What Stallion Suits Her Best?
Unbeaten superstar Black Caviar is at present sitting on the sidelines as her owners contemplate a possible comeback after a good long spell or retirement and a visit to one of Australia’s leading sires, but if they choose the latter path, the big question will be which stallion is chosen for the champ.
A decision on her future is likely to come in September following the Australian Horse of the Year Awards and if it is retirement, then every stallion master in Australia will be wanting Black Caviar to walk in their gate.
On pedigree, she has all the options open being by the Royal Academy (USA) sire Bel Esprit from Helsinge, whose first three dams are by Desert Sun (GB), Snippets and Vain.
A pedigree like that means obvious champion stallions such as Redoute’s Choice and Fastnet Rock will be under consideration and both would guarantee a pedigree that would scream sale-topper if the resulting yearling ever went to public auction, but would either deliver a type?
Black Caviar is a very big and powerful mare and Redoute’s Choice and Fastnet Rock are both sires that have been known to throw the odd ‘big ugly boat’ or two when mated with bigger mares, so type might be some concern, although in saying that let’s not forget the current yearling from Helsinge, a Redoute’s Choice filly, did make $2.6 million at Easter this year and was neither big, ugly or a boat!
For pedigree students, a mating to Fastnet Rock would pick up a close 3 x 3 double cross of Royal Academy, who is also the sire of his dam Piccadilly Circus, so is that necessarily a good thing?
Line breeding to Royal Academy is virtually untested, with just two named foals in the world bred that way, one of them a winner in India, however line breeding to his dam Crimson Saint has been highly successful producing 31 stakes-winners including two of Fastnet Rock’s Group I winners in Foxwedge and Irish Lights, so quite possibly it’s a positive.
Working down the list of the most expensive sires we come to More Than Ready (USA), Lonhro, Street Cry (IRE), Encosta de Lago and High Chaparral (IRE).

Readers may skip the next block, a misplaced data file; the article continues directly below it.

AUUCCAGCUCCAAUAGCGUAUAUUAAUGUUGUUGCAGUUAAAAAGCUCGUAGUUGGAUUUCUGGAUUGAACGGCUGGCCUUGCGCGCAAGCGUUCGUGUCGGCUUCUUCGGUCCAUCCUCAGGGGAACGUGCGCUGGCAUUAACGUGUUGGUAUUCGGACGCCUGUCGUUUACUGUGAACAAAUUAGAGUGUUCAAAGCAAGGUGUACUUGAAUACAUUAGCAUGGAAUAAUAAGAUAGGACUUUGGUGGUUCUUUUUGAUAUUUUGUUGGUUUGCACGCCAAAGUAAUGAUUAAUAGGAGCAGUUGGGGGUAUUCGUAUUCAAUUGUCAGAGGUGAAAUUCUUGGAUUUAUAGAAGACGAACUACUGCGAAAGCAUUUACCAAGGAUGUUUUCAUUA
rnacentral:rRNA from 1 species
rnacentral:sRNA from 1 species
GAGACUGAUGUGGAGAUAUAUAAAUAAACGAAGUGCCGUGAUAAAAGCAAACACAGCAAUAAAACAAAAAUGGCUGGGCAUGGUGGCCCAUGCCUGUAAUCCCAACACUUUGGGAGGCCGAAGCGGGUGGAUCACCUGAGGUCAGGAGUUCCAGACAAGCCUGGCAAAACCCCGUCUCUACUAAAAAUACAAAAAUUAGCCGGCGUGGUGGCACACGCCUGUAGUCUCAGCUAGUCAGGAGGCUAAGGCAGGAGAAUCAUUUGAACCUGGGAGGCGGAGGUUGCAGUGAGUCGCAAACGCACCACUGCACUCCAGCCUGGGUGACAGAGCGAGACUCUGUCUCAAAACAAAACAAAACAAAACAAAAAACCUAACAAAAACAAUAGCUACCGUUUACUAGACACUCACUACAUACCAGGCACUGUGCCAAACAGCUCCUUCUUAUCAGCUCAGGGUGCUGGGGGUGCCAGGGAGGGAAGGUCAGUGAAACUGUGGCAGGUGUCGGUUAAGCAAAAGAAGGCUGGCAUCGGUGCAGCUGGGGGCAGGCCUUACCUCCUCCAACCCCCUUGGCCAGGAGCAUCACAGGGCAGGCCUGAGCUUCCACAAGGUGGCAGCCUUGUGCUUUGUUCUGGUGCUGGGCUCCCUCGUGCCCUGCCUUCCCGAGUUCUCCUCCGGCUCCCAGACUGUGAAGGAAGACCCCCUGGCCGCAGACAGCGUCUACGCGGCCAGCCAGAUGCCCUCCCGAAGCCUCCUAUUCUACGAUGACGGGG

The first three are all highly commercial top class sires representing very different sirelines that would offer an outcross to Black Caviar’s predominantly speedy pedigree, which features three lines of Northern Dancer.
More Than Ready and Lonhro in particular, frequently produce a lighter boned more refined individual and either could prove a good foil for her bulk and sheer physical strength.
Street Cry has been a popular pick for superstar mares in recent years with Typhoon Tracy going to him last year and Miss Finland the last two years, so Black Caviar would certainly fit in with his profile, while Encosta de Lago, who was once the top pick for retiring superstars has probably passed his commercial zenith at age 19, but would hardly be seen to be a poor choice if he did happen to get the nod.
English Derby winner High Chaparral would be seen as a physical polar opposite to Black Caviar, his elegant stayer’s physique in total contrast to her powerhouse sprinter’s frame.
The real question of bringing together opposites is whether the genes can find any common ground on which to build an effective racehorse or whether you just end up with a horse that’s too slow to sprint and lacks the stamina to stay… we’ve all seen them.. a lot of them in fact! Neither one thing or the other.
High Chaparral’s charismatic son So You Think may well be seen as a better option than his sire, given he falls more into the miler category rather than that of stayer.
An absolutely top class racehorse with 10 Group I wins against some of the best performers in the world, So You Think had brilliance to match his stunning good looks and for punters and racing fans the idea of a romantic match between So You Think and Black Caviar may well be seen as one made in heaven.
The stallions we have mentioned are just the tip of the commercial iceberg and the Black Caviar connections may well be considering many other varied options as the world truly is her oyster and just because a stallion has a big service fee doesn’t always mean he’s the right one for the job.
Send us your thoughts firstname.lastname@example.org on who would be a perfect partner for Black Caviar if she retires to stud.